Writing, yesterday, about Julian Assange, from a fairly feminist perspective, I found myself all too quickly reminded of links to other issues where the powers-that-be prove just how hypocritical, how quick to co-opt they can be, when it comes to basic women’s issues.
Of course, they do it elsewhere as well: just think of all the times that the mantra “for the sake of the children” gets interjected into debate with more or less subtlety as a means to silence opposition. All the same, it does get me hot under the collar whenever I hear politicians doing it.
A pat on the head
The springboard for my piece (hopefully being published at the weekend) was the way in which various commentators have so quickly focussed on Julian Assange’s supposed sexual crimes as an excuse for all that has been going down in London over the last week or so. Women who have dared to question the establishment consensus that this guy is mad, bad and dangerous are undercut with the not-too-subtle suggestion that by backing Assange, they are somehow going soft on sex crime.
Or as legal expert, Joshua Rozenberg, put it oh-so-patronisingly on Wednesday: “I’d have thought you (his female co-interviewee) would want to see Assange brought to book, given the nature of the allegations”. (I paraphrase as to words: the tone was unmistakeable. I half expected him to lean over and pat his studio partner on her head).
Oh Yes: the sub-text is pretty clear. You women have been banging on about sexual violence for all these years. So now we’re actually doing something about it, just shut up about little matters like evidence and charges and leave the grown-ups – the lads – to sort it out.
Of course its complicated: neither black nor white, but somewhere in between. One can take the view that Assange is being railroaded by the legal system, using charges of sexual violence as a means to silence dissent, without in any way detracting from the underlying seriousness of what is being accused.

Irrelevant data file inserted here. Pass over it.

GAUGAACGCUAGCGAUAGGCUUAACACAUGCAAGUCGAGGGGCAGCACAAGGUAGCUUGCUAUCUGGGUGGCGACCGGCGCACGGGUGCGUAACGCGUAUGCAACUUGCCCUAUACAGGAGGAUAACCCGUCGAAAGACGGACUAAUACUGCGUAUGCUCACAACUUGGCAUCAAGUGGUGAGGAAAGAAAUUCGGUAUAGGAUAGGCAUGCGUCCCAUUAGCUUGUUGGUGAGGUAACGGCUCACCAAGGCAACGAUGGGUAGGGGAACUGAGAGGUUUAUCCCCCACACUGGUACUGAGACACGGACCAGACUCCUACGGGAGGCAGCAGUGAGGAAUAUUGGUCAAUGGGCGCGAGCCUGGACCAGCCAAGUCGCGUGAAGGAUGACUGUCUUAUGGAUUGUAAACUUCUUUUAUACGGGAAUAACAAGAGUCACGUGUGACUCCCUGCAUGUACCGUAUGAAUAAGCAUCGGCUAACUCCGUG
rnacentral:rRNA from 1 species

Those who take fundamentalist positions, such as the Guardian’s Libby Brooks, or, initially, Naomi Woolf, are likely to find themselves wrong-footed.
The guy MAY be a mixture of angel and devil: good on civil liberties, crap when it comes to respecting individual rights. Or he might not. What is to the point is the assertion made by Women Against Rape – and more recently by Naomi Woolf, that this focus on someone for the crime of rape is unprecedented. We just don’t make this sort of fuss: rightly or wrongly, men accused of rape tend to be out pending trial. Some on bail, many not.
As Woolf argues: we in the west regularly sit down and negotiate with the leaders of revolting regimes that have either turned a blind eye to rape or, worse, have used it as an instrument of policy.
The West’s hypocritic history
WAR, again, remind us of how closely entwined the supposedly pro-women West in Afghanistan is with the warlords…and that pricked at my own memories.
Listening to reports of the short but sharp war in that country earlier this decade, I remember being less than happy that “my side”, the so-called civilised powers, were taking the easy way out, allying themselves with the Northern Warlords, despite their appalling record when it came to women’s rights and rape.
I listened with a growing sick feeling to repors that the Northern Warlords were racing the allies to Kabul – and we would permit them to enter, unchallenged.
But then, unlike much of the gung ho British (and American) public, I had been following Afghani issues for a while: I understood that much of the support for the Russians, at one time, and later for the Taliban, derived from the populace’s sheer terror at the antics of the warlords. We chose the easy way out, allying with individuals whose record on human and women’s rights was a hundred – a thousand – times worse than Assange, rather than risk having to take them on as well.
Ah. But that’s realpolitik, I hear you say. Perhaps.
Then yesterday, another friend reminded me of a quite different – yet similar issue: the rush to pass laws against extreme porn. This was supposedly all about “protecting women”: except, of course, it wasn’t.
If the government was really about that, then there would have been far more done to ensure that laws already on the books were properly enforced, rather than dreaming up more and more abstracft laws that co-incidentally had the side-effect of controlling that all-too-awkward beast, the internet.
But its such an easy argument to make. Who after all can object to steps being taken to “protect” women? Well, hopefully, women.
Because time and time again, when politicians talk about women in this way, the last thing on their mind is protection. Rather, it is in their interests to co-opt women to otherwise dubious causes and to shelter behind the excuse of “looking after” the “weaker” sex.
Its pretty revolting. But absolutely to be expected.